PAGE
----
Cooler Master MasterMouse MM520 Review: Solid and Simple

Cooler Master’s MasterMouse MM520 endured our rigorous testing. However, the shape might not be for everyone. It’s excellent performance and good build quality earned it a well-deserved place in our hearts.

A Simplistic Mouse for Claw Grippers, by Cooler Master

For years Cooler Master has been striving to satisfy every gamer’s need by designing a wide range of ergonomic gaming mice. Claw-grippers have not been forgotten either, and the MasterMouse MM520 holds a special treat in store for them. The unusual shape and the lack of wireless connectivity, however, position Cooler Master’s MM520 model as a very niche mouse, therefore it might not be everyone’s cup of tea.

Cooler Master SGM-2007-KLON1 MasterMouse MM520
  • MM520 Claw Grip Gaming Mouse, 7 programmable buttons
  • Pixart PMW-3360 Infrared Sensor, up to 12000 and zero negative acceleration or prediction for true 1-1 input for pinpoint accuracy
  • On-the-Fly DPI Adjustments with 4 levels and 4 profiles
  • 3 Zone RGB Light, Fully programmable for customize lightings, buttons, and macros
  • Made with PBT Material for durability and 20 M click rated OMRON switches and ALPS scroll wheel

Cooler Master released its MasterMouse MM520 at the same time as the MM530 model. Both mice are very similar under the hood, however, their shapes are pretty different. Although this review is focused mainly on the MM520, I will say a few words about the MM530 as well.

Design and ergonomics

The MM520 body size has a medium-form factor. With its 78.5 x 118 x 29.5mm (3.09 x 4.65 x 1.16 in) it is most suitable for people with medium- and large-sized hands. Despite being tagged for claw-grip users, during my tests palm-gripping felt just as comfortable.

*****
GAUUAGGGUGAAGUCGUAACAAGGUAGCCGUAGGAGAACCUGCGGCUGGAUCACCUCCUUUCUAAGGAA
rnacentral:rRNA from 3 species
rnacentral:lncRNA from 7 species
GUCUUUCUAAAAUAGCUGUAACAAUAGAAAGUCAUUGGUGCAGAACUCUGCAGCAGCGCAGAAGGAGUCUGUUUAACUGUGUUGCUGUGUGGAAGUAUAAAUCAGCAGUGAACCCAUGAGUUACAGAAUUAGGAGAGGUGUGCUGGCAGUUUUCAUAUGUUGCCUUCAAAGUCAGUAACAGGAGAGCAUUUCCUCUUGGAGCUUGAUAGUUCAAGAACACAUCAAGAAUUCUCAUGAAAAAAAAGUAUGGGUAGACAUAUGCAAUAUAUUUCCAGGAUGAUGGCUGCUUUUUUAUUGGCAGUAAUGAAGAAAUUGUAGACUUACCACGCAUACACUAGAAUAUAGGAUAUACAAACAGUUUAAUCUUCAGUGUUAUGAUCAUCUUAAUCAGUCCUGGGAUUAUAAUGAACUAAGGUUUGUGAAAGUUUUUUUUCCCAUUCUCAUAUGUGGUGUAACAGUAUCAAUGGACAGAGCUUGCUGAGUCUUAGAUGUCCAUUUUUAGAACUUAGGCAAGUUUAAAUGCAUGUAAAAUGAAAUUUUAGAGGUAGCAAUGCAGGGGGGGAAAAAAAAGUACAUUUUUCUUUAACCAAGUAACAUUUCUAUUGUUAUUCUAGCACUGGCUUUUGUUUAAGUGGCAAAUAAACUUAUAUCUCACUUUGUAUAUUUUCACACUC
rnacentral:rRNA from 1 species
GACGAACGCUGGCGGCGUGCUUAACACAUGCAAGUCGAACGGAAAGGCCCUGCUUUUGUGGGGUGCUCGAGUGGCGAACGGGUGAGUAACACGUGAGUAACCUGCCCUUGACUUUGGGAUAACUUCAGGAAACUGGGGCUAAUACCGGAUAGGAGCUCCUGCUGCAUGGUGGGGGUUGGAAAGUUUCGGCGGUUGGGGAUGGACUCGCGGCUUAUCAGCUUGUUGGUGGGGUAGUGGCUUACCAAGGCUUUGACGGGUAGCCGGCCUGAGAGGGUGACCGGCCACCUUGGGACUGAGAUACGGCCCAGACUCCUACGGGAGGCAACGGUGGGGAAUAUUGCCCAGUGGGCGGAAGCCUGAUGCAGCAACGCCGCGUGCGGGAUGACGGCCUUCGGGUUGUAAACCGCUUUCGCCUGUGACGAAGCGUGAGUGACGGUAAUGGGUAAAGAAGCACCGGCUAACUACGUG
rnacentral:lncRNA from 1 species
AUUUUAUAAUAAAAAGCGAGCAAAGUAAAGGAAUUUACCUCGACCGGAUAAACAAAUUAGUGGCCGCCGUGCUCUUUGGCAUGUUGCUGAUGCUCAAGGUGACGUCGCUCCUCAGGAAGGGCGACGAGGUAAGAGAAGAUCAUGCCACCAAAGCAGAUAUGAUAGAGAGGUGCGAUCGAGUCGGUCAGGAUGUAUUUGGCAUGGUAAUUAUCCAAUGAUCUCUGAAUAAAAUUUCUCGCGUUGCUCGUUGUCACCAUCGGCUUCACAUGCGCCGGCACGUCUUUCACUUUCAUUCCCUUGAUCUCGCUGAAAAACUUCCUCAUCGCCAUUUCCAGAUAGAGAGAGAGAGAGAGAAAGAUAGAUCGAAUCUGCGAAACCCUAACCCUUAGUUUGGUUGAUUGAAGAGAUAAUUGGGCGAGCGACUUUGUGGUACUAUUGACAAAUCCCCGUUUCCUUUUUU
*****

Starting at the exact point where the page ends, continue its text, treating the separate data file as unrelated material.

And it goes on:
Both the MM520 and MM530 are created with durability in mind. Both models are made of PBT (polybutylene terephthalate) plastic to reduce wear. In comparison to mice made of ABS (acrylonitrile butadiene styrene) plastic, PBT mice are definitely tougher. The back of the MM520 features UV coating, which is a bit harder than rubberized coating but lasts longer. This coating holds no fingerprints, nor does it wear and peel off.

As I already mentioned, the MM520 is a bit unusual shape-wise. It resembles another favorite model of mine, the Mionix Naos 7000, with the MM520 being a bit smaller. There is a ring finger support swelling on the right side of the mouse body. They have also added a small pinky support honeycomb-pattern rubber pad at the bottom of the right side of the mouse for a better grip.

MIONIX NAOS 7000 Multi-Color Ergonomic Optical Gaming Mouse
  • Ergonomic, right-handed gaming mouse
  • Up to 16.8 Million LED color options
  • 128 kb built-in memory
  • 32bit ARM processor 72mhz
  • 7000 DPI optical gaming sensor
  • 6 integrated LEDs in 4 color zones
  • Truly ergonomic design – Right handed
  • ADNS - 3310 gaming grade IR-LED optical sensor
  • In-game DPI adjustment - Up to 7000DPI

There is no rubber grip pad on the left side of the MM520. Cooler Master has decided to simply carve a convex shape for thumb rest. In contrast, the MM530 model shape is more conventional: there is no ring finger support, and it sports larger rubber grip patches on both sides.

Despite the unusual shape of the MM520, I did not feel any wrist strain during my 3-day tests. I used the mouse mostly for work, and being a palm-gripper, I found it comfortable enough. Even after intentionally making myself claw-grip it for a whole day, I still felt no signs of tension in my pinky.

There are 3 large gliding pads on the belly of the mouse, and they are big enough to ensure smooth movement on any surface.

The mouse weighs 101 grams. If this is too heavy for your liking, you can reduce it to 88 grams. Well, this is easier said than done. You will need 2 Philips screwdrivers: a large and a small one. You will have to destroy the feet patches because the screws to open the mouse body are beneath them. You should have received a set of spare replacement feet with the mouse. If not, you can request those from CM and they will be happy to ship them to you.

Buttons, switches, and layout

The MM520 sports 6 programmable buttons. The two main left and right buttons boast Omron 20 million-click switches. They produce very nice and satisfyingly crispy clicking sounds. For comparison, the MasterMouse 530 model main buttons sound a bit squishy. Cooler Master has placed two additional buttons on the left side of the mouse, right above the slotted thumb rest. They are glossy, have deep action, and are large and easy to reach. Some users complain their action depth is a tad too much, but it was okay for me.

The mouse scroll wheel is made of silicone, has small bumpers for extra grip and has a tactile feedback. There is also an additional button behind the scroll wheel, which defaults to DPI mode rotation.